Prevention of Scars

Early wound closures and prevention of wound infection are essential measures that prevent excessive scarring. Other preventive measures include sun protection, maintain skin moisture by using moisturizer and silicone sheet, taping and splinting, massage and physiotherapy. It is normal to feel  itchy in the wound during wound healing. Avoid scratching the wound to prevent injury to the skin that can aggravate scarring.



Treatments of Scars

Once a scar is formed, it will never go away completely. However, many treatments are available that can reduce their size and change its appearance to become less noticeable. The best remedy to use depends on many factors, such as the size, location, duration, functional disability, aesthetic concerns, and patient preference and compliance.

      1. Silicone sheets. Silicone sheets can be used  to improve scarring. They are applied on the scar throughout day and night, including during sleep. The patient can remove the silicone sheet during a shower and reapply it after that. Silicone sheet usually can last for several weeks with proper care.
      2. Scar Gel: Silicone gel provides a flexible and transparent layer of silicone on the scar. Patients can use silicone gel on the face and other visible areas that are not suitable for silicone sheets.
      3. Pressure garments. Pressure garments made of elastic material have been a mainstay of scar control for burn injuries.
      4. Massage. Massaging scar tissue can help to decrease scar build-up and reduce scar tissue tightness. First, apply vitamin E lotion or baby oil to the scar area. Then, use the thumb or fingers to firmly massage in a circular motion for 5 minutes, alternate between clockwise and anticlockwise movements. Repeat 2-3 times a day.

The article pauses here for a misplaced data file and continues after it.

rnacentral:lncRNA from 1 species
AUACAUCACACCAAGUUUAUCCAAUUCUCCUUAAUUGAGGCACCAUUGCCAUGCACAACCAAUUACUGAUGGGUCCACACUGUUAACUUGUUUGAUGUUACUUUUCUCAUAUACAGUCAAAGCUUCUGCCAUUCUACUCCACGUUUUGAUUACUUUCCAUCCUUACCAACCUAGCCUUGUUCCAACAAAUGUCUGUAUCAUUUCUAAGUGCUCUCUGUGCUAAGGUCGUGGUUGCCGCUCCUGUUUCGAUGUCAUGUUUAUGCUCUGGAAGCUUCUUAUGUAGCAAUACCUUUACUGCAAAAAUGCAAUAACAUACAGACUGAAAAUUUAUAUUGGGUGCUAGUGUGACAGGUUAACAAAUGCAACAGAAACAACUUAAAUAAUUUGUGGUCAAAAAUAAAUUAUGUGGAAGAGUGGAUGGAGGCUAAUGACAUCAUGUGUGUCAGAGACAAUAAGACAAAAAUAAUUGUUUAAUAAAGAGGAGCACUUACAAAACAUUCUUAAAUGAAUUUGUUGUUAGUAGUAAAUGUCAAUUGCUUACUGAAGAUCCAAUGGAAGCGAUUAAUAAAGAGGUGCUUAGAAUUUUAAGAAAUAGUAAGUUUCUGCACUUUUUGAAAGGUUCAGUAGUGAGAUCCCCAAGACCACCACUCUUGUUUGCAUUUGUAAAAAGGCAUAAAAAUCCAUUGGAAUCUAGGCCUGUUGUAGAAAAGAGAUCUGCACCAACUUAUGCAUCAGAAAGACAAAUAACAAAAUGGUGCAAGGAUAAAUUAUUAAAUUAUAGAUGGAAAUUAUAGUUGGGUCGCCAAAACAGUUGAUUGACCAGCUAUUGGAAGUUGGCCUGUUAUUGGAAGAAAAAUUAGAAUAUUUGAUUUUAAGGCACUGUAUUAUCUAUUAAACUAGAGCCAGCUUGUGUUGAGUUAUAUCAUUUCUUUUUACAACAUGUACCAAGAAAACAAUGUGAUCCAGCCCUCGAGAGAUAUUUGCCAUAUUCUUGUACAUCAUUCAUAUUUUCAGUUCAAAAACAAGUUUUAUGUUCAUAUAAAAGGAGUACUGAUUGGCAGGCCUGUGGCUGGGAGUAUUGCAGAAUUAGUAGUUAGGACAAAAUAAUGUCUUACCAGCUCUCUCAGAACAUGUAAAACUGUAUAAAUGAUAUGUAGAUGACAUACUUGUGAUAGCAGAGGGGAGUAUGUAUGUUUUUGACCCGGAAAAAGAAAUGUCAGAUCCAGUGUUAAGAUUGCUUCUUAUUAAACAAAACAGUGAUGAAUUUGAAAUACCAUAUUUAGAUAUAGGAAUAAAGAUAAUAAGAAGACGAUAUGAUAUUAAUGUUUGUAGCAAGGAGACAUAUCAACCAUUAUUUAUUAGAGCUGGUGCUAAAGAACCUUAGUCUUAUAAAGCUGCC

5. Corticosteroid injections. Corticosteroids, such as triamcinolone acetonide, can treat hypertrophic scars and keloids effectively. Corticosteroid injections are effective in flattening hypertrophic scars and keloids with a high response rate. Multiple injections may be required to achieve satisfactory results.
      6. Laser therapies. Lasers are most often used as a non-invasive treatment to improve scar texture, contour, and hyperpigmentation. Lasers are usually combined with other treatment modalities such as occlusion/compression therapy or intralesional corticosteroid injection for better results.
      7. Botulinum toxin A (Botox™). Botulinum toxin A can decrease the tissue tensile forces in the scars and reduce scarring.
      8. Surgical subcision: Usually reserved for depressed scars.
      9. Scar revision surgery: scar revision is surgery  done to improve scar tissue and restore functional disability caused by the scar. Depending on the scar’s size and location, various techniques can be used, such as direct scar excision and closure, z-plasty, w-plasty, local flap, and tissue expander.